131-600x338According to this document, Virginia-based MicroTech, LLC, billed the VA $2,508 on March 9, 2006 “to update the environmental baseline report” with new information that would refute its own report that radioactive waste is buried beneath Brentwood School’s athletic fields. With all the emphasis former-VA Secretary Nicholson put on discounting the dump being under the school in his letter to Congressman Waxman, and with all the effort that the VA and MicroTech put into ‘updating’ the explosive revelations contained in the draft PricewaterhouseCoopers report, imagine our surprise when this paltry amount is compared to what we found MicroTech was being paid in total by the VA in documents released by Waxman: $413,669.

Following is the excerpt of Document 13 that shows MicroTech’s proposed billing of the VA for this ‘updating.’

Following the above document are a series of copied e-mails in Document 13 that indicate how worried the VA has been about our investigation, going so far as to create “A VHA [Veterans Health Administration] Issue Paper outlining how the VHA has handled face to face discussions with the reporter who originally brought up this issue.”

This VHA Issue Paper on how to deal with EnviroReporter.com’s Michael Collins was not among the 5,600+ pages of documents provided to Congressman Waxman. Ironically, in its concerted attempts to discount and dismiss the report of radioactive waste being under Brentwood School’s athletic complex, the VA’s Jessica Morris wrote “In another area of the property the VA dumped decayed low-level radioactive medical waste in the 1960’s.”

This is an important statement because it confirms, as do umpteen documents, maps, interviews and photos on EnviroReporter.com, that there was radioactive waste dumped on the West LA VA. However, as recently as a December 17, 2007 interview with the West LA VA’s Director of Asset Management, Ralph Tillman, with KCET‘s Life & Times’ reporter, Hena Cuevas, the VA maintains that it is going to spend $1 million in order to assure the public that there is no radioactive waste on the property to worry about.

This begs the question: Why spend a million on a Phase II appraisal of the dump if the VA knows nothing is there despite all evidence to the contrary?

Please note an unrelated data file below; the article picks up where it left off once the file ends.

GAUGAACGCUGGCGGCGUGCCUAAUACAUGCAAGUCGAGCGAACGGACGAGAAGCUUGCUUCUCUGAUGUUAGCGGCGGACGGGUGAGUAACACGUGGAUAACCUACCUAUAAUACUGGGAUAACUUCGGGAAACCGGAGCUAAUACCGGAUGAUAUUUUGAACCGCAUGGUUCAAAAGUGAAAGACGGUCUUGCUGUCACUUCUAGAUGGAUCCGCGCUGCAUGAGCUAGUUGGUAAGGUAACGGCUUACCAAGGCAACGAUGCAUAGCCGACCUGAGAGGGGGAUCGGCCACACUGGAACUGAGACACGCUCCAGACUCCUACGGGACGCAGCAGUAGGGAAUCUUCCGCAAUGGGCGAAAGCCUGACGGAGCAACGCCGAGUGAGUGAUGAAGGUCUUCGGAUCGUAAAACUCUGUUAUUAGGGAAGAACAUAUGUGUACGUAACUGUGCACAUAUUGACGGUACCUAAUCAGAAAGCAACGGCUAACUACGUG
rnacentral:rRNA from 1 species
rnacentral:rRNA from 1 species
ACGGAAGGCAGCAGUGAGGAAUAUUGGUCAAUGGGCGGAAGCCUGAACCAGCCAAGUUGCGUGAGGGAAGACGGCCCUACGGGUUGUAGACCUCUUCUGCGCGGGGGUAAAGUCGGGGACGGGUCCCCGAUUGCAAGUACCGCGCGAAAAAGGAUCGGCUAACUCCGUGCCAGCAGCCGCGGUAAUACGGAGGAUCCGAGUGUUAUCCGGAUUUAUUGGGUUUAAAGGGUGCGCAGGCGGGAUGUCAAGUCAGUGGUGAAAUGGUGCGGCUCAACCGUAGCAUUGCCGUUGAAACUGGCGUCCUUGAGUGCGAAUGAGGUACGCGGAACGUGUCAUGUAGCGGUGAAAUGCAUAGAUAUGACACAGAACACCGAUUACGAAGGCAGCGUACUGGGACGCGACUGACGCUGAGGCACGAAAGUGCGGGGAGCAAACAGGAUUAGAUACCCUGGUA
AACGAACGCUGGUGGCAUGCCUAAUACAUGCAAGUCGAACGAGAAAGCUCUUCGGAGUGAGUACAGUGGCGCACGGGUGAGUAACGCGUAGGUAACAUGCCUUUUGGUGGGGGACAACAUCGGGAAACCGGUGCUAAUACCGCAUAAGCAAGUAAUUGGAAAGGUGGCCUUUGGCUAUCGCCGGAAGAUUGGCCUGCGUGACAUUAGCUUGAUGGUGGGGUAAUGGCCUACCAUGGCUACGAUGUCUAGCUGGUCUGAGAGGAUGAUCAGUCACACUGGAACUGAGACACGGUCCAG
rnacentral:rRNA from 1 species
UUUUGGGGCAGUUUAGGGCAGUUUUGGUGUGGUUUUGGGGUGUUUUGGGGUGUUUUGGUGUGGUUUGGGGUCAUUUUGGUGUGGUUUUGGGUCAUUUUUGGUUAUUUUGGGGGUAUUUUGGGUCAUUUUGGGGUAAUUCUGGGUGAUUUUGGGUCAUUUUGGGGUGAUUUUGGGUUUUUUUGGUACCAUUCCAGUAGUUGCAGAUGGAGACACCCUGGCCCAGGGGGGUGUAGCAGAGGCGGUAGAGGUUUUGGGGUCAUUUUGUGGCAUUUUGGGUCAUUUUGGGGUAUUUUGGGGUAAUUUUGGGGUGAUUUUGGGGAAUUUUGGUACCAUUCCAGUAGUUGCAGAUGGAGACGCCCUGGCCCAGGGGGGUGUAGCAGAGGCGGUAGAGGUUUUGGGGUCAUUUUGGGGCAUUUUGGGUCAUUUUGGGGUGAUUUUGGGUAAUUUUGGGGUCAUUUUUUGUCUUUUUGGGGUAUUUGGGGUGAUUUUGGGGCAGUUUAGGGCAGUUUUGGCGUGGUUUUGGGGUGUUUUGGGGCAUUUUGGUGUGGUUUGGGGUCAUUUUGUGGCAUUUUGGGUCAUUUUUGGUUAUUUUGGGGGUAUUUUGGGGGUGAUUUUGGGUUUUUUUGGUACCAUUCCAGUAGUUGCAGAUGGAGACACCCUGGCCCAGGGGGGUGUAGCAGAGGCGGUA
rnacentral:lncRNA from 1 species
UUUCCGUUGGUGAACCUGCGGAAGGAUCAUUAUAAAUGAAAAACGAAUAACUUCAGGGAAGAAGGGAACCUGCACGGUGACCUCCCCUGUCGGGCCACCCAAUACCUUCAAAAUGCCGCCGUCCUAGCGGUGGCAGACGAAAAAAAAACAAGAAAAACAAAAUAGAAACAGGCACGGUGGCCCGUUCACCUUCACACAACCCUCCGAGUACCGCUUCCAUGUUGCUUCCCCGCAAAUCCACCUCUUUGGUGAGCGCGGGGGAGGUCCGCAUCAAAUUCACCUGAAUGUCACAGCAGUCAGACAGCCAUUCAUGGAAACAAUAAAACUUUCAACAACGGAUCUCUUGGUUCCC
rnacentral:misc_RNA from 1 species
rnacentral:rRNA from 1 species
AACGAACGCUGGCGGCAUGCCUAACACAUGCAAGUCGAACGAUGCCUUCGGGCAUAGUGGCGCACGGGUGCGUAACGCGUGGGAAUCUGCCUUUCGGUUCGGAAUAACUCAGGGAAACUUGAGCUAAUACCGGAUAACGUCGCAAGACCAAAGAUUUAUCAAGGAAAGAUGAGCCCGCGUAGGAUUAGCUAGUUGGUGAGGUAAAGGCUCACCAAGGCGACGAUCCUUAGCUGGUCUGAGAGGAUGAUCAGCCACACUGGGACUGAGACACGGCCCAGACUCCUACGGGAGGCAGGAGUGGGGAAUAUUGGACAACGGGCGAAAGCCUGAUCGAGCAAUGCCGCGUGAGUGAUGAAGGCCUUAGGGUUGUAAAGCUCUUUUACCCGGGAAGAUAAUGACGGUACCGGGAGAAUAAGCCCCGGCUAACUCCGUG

The VA and its subcontractor’s words below speak for themselves and suggest that the spin the department is putting on its Brentwood nuke dump is as sloppy as the methods of radioactive waste disposal were that created the waste site in the first place.

The following page from Document 13 is MicroTech’s summation of the agreement between the VA and Brentwood School for it’s “Enhanced Health Care Resources Sharing Agreement, which is commenced for 10 years beginning in August 1999 with one 10-year option. It is unclear what this agreement has to do with “enhanced health care” but is notable for a number of reasons: “VA can unilaterally terminate if School has caused Government owned assets or the public to be endangered.”

Has the school caused the public to be endangered, namely its students and faculty, due to either ignoring the waste found underneath the fields that were built over anyway even after construction was halted due to so much waste present, waste that was covered up with 3-4 feet of crushed asphalt? Is the school responsible for exposing its students to extremely high levels of arsenic and thallium since, according to its contract with the VA, the school should have known about these heavy metals before completing construction of their athletic complex? Is the school responsible for endangering the public for failure to review reports it already should have had that have been available on Congressman Waxman’s website since early August 2007?

Or is the VA responsible for endangering the public by continuing to downplay the threat of radioactive and chemical contamination under the school’s athletic fields even when a number of reports have documented these threats as examined in the analysis of the documents provided to Congressman Waxman?

The questions posed here would probably be best answered by legal representatives in a court of law, something that has not happened as of this posting on December 19, 2007.